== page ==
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By Artie Harris, Montgomery County Planning Board Chair and Jason K. Sartori, Montgomery Planning Director

This blog is also published in Greater Greater Washington as a guest opinion column.

Bold action by governments to tackle the country’s housing crisis has been scarce for far too long. The Biden administration is fed up too, calling for federal policies that would incentivize local governments to end discriminatory single-family home zoning.

The Montgomery County Planning Board believes it is about time Montgomery County joined a national movement to break free from outdated laws that constrain housing supply and prices too many people out of the market.

On June 13, the Planning Board voted to recommend that the Montgomery County Council relax single-family zoning and unravel decades-old rules restricting large swaths of the county to one single-family home per lot. The county would be a pioneer in Maryland to broaden the permitted housing types in most residential areas.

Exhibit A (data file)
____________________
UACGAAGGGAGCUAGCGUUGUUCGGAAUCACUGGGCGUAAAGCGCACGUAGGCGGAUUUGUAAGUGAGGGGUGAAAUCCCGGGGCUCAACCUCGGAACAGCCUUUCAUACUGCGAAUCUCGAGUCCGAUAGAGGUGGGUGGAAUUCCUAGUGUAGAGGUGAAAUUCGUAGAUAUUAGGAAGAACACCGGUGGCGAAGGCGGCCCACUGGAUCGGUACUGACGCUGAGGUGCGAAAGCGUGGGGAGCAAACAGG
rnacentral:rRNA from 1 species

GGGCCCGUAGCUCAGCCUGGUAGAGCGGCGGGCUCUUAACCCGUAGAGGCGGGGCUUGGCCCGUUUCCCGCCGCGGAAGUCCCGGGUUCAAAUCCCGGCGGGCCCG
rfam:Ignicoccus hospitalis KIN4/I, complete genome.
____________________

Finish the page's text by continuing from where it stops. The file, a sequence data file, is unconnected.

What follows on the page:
Not enough room for all

The 1990s saw a sharp drop-off in new home construction in the county – 40,000 fewer homes were built compared to the 1980s. The 2000s have continued the trend

The supply crunch has led to skyrocketing prices. Last year, detached houses in Montgomery County sold for an average of $970,000 – twice the national average. Not surprisingly, Montgomery County has seen its middle-income population decrease by more than 25,000 people since 2005, as the price of homeownership has increasingly become out-of-reach for these residents. Consistent with this, Maryland’s housing secretary Jacob Day recently noted that about a third of younger residents are considering leaving the state because of high housing costs.